Laden's long reach
Since the early 1990s, Saudi exile Osama bin Laden has built a
secretive, highly compartmentalized but interlocking terrorist
network with the purpose of ousting pro-Western governments in the
Middle East, derailing the Arab-Israeli peace process and driving
the United States from the region. In early 1998, the militant
multimillionaire issued a call to Muslims ordering holy war against
||Bin Laden, 44, the son of a Saudi construction magnate,
has estimated assets of $300 million. The United States has
frozen some of his accounts.
||While living in Sudan from 1991 to 1996, bin Laden set up
money-making businesses in construction, trucking, currency
exchange and various exports. The umbrella group is Taba
||Cells around the world engage in semi-clandestine fund
||The organization may have several hundred to several
thousand members. It draws from a pool of more than
50,000 Afghan war veterans and other radical Muslims. Bin
Laden spent the 1980s mostly in Peshawar, Pakistan, where he
supported Afghan mujaheddin who were fighting to oust Soviet
||Al-Qaida runs military training camps in Afghanistan and
possibly elsewhere. The United States bombed several
suspected training camps in 1998.
||Among the group's suspected bombing targets, before the
air attacks on New York and Washington, were:
1993: World Trade Center; six dead, more than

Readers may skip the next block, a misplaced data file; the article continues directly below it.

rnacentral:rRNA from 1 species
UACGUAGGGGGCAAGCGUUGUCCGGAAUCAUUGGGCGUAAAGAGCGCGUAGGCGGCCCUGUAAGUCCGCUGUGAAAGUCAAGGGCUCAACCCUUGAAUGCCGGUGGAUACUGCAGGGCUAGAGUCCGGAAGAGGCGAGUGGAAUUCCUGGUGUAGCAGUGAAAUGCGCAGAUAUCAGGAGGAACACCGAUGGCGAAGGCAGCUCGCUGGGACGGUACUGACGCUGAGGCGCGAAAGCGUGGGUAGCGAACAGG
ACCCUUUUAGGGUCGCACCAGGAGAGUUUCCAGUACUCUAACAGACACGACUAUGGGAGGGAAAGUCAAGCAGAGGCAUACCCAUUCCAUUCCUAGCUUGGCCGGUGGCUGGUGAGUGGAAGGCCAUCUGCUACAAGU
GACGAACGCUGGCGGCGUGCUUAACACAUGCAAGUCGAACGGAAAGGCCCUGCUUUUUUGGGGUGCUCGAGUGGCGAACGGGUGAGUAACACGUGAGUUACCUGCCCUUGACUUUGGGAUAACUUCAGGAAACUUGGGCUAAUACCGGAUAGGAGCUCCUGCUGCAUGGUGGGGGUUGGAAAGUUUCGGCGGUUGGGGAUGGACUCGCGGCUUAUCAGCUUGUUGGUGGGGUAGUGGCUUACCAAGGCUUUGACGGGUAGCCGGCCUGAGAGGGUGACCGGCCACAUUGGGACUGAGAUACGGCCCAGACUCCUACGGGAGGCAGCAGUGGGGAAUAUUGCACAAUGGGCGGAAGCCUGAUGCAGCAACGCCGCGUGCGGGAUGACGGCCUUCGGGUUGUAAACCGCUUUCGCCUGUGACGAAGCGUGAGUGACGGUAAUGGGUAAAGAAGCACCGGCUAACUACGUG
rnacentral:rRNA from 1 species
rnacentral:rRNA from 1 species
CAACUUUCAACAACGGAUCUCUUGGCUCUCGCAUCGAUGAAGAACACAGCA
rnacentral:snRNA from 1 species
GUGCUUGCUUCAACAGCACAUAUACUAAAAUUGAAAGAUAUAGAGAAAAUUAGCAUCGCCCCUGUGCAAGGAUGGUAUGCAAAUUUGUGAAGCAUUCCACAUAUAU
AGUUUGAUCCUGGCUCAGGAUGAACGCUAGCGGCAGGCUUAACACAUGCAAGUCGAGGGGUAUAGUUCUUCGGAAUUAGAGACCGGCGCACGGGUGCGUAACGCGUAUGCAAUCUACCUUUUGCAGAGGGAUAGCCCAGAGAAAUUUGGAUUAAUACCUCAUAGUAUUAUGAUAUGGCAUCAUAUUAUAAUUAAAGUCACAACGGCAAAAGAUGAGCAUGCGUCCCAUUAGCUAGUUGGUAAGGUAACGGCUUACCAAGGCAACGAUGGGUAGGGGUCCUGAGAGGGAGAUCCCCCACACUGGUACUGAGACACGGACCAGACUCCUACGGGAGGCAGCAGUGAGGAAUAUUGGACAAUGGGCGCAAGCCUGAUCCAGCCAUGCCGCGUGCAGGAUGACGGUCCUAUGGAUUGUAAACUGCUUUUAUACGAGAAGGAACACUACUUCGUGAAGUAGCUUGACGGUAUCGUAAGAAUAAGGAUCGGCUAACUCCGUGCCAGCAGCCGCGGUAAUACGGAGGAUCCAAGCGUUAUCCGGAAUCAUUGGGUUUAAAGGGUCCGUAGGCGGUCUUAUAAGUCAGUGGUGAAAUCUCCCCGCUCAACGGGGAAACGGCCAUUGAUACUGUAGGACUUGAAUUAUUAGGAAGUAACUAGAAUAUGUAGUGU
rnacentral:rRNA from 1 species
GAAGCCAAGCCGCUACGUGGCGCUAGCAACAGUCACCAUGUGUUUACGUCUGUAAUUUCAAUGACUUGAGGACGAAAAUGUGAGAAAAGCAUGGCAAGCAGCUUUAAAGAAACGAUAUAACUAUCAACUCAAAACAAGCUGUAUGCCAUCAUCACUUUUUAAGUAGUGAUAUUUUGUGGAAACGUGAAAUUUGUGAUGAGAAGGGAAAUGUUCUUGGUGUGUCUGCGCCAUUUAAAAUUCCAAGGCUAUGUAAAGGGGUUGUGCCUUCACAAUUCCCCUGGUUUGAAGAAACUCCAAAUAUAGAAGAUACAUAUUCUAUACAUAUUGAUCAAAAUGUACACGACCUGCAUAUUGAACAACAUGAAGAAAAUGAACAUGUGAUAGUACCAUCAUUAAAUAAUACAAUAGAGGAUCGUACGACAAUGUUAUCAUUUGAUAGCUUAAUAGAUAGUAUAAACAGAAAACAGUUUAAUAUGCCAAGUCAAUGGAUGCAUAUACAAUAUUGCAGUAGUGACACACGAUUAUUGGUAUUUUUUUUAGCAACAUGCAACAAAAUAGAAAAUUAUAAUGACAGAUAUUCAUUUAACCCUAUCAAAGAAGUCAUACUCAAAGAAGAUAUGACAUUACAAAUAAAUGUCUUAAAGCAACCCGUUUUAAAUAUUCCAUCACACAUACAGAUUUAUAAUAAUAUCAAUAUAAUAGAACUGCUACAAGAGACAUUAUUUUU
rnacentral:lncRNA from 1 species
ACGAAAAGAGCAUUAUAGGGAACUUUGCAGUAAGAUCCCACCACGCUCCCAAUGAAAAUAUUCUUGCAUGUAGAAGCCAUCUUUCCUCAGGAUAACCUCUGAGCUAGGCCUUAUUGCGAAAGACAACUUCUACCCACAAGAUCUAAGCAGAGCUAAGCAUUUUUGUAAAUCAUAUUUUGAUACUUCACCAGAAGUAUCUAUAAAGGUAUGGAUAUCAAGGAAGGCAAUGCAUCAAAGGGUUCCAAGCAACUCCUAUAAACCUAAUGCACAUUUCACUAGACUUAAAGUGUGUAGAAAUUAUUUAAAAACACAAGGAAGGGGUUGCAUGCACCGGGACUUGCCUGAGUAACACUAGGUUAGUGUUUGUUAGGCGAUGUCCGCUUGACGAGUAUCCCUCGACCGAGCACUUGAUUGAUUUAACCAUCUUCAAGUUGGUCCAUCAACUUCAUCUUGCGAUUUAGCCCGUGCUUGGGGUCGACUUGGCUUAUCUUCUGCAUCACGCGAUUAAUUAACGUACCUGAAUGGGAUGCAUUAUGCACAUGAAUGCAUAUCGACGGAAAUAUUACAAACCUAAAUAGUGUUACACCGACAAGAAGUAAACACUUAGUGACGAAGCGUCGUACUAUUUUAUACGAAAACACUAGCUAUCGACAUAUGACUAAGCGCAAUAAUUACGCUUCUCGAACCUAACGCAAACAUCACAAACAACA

1996: U.S. military housing complex in Dhahran, Saudi
Arabia; 19 servicemen killed, 372 wounded.
1998: U.S. embassies in Kenya and Tanzania; 224
killed, 5,000 hurt.
2000: USS Cole in Yemeni harbor of Aden; 17 sailors
killed, 39 wounded.
Western intelligence officials believe that the organization, al
Qaeda (the base), has a hierarchical structure. Bin Laden, who for
security reasons moves constantly around Afghanistan, mostly in the
Kandahar region, heads the organization.
How a cell structure works
||Secrecy and security are essential and cells are usually
small. For terrorist actions, al-Qaida cells apparently are
split into planning and execution phases.
||Members of one cell do not necessarily know members of
||Communications between cells are usually made secretively,
sometimes by use of dead drops.
||Cells may remain inactive for years, or engage only in
fund raising or peaceful Islamic activities. A cell may
suddenly be called into action.
||Sympathizers are recruited to perform low-level logistical
Al-Qaida cells are believed to exist in at least 35 countries or
regions, but they shift constantly. Some are known to have ties to
Islamic extremist groups that the U.S. State Department has
designated as foreign terrorist organizations.
Sources: Jane's Intelligence Review, Congressional
Research Service staff reports